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Online Piracy Drops in Australia, Thanks to Netflix


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For the first time in years, online piracy rates have dropped significantly in Australia. The downswing coincides with the launch of Netflix, which played a key role as most consumers who say they are pirating less cite legal alternatives as the main reason.

Video streaming giant Netflix sees itself as one of the most prominent competitors to the many pirate sites and services that offer video content illegally.

In recent years the company revealed that it has seen a consistent piracy drop in many countries soon after launch.

This Netflix effect now also appears to have hit Australia. The video streaming service launched early last year and new statistics released by the IP Awareness Foundation show that online piracy has decreased since.

According to the most recent survey 25 percent of Australian adults aged 18-64 are self-confessed pirates, down from 29 percent in the previous year. This is the first decrease since the piracy boom started.

The drop is visible among both casual and persistent pirates, with the largest drop in the second group, as shown in the pie charts below.

Aussie piracy drop


It’s not all good news for copyright holders though. Among the remaining persistent pirates 40 percent say they are pirating more than last year.

In part the piracy decline can be attributed to Netflix. Without a direct causal relationship it’s tricky to draw strong conclusions, but the survey respondents who say they are pirating less cite legal alternatives as the main reason.

Moral considerations were also mentioned by the respondents, as well as legal ramifications. Overall, however, legal options have the biggest impact according to consumers.

IP Awareness Executive Director Lori Flekser is happy with the positive change but also tames some of the optimism. According to her a combination of positive and negative reinforcement is required to properly address the issue.

“Piracy has always needed a range of measures to tackle the problem as we all know there is no silver bullet,” Flesker says.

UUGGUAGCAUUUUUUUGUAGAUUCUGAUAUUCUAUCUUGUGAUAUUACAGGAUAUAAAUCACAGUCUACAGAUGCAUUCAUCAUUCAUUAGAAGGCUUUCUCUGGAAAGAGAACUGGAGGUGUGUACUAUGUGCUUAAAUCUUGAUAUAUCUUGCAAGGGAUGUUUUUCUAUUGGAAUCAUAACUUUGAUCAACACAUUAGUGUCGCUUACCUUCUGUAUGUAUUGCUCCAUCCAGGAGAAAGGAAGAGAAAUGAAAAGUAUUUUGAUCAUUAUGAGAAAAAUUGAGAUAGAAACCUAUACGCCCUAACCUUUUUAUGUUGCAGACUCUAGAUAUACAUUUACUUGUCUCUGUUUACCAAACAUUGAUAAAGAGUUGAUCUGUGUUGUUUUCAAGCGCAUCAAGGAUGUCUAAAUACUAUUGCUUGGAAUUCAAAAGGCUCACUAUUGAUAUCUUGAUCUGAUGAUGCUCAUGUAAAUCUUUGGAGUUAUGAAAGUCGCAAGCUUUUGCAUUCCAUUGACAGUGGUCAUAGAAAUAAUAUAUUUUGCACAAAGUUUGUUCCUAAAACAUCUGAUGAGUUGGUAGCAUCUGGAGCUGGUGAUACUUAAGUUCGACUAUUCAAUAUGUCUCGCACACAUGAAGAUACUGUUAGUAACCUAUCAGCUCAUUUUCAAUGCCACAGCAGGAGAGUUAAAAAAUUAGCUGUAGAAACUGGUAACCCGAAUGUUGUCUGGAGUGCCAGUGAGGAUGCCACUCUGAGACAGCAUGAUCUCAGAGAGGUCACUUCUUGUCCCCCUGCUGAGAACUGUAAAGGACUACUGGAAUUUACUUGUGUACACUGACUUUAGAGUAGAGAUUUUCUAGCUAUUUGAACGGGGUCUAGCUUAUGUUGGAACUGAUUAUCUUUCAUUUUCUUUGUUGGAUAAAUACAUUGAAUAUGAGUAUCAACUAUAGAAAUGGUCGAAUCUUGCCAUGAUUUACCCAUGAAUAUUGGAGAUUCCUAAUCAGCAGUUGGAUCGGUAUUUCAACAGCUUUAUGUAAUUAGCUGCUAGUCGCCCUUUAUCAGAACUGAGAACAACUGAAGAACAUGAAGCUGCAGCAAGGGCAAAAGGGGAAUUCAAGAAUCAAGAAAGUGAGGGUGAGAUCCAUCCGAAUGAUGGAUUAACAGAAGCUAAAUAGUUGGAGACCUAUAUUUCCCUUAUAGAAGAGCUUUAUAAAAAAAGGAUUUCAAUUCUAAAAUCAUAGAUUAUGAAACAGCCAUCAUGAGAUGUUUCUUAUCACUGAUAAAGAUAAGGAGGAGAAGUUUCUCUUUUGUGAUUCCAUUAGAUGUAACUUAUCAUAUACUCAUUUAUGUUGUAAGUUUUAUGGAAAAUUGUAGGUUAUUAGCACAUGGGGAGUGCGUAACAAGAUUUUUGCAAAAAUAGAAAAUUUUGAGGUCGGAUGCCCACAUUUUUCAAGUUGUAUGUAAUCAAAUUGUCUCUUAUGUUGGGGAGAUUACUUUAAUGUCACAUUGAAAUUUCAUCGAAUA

“This fall in piracy rates is definitely largely attributable to the combination of the government’s new legislation, plus the ongoing efforts of the creative industries to continue delivering great content at accessible prices to Australian consumers,” she adds.

Piracy has been a hot topic in Australia and there are plans to block websites and warn frequent infringers in the near future. Time will tell whether this help to continue the current downward piracy trend.


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I tried netflix but they had no new releases and it looked only good to watch series on.(which I dont do)Quickflix is better for me as it has new releases and you only have to pay per movie not a subscription.

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Were I live the internet is not good enough to stream much most of the time because its not stable its much more easy to pirate the files and watch em latter . Once everyone gets there internet bill over there they may change there minds.

The million dollar questions are ...

1. Did it really drop or are most just using vpns because of new anti piracy laws ?

2. Is your broadband plan ready for Netflix?

Netflix and other streaming services are on the way. Does your broadband have the speed and download cap necessary to handle them?


3. Are you willing to pay more money just to stream?

4. Do you even live in a area that offers better internet?

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Wow, they are fucking geniuses. Providing users proper service decreases piracy. Can someone give them a medal or something?

I live in a friggin central Europe. Do you want to know the status on legit entertainment services in my country? Amazon music? Nope. Spotify? Nope. Netflix? Are you kidding? NOPE! Of course I'm gonna download stuff if I want the content, but they don't want my money. I don't get it why they can't get their shit together and offer content globally without moronic limitations?

I used to pirate games as well. Guess what happened with introduction of Steam and GOG? I haven't pirated a single game for a decade. Hell, I've purchased pretty much all games that I've pirated in the past. If they are available, I've bought them.

When they'll do this, I'll understand their whining over piracy. But when you can't legally use fucking Netflix in the middle of freaking Europe, one big massive FU.

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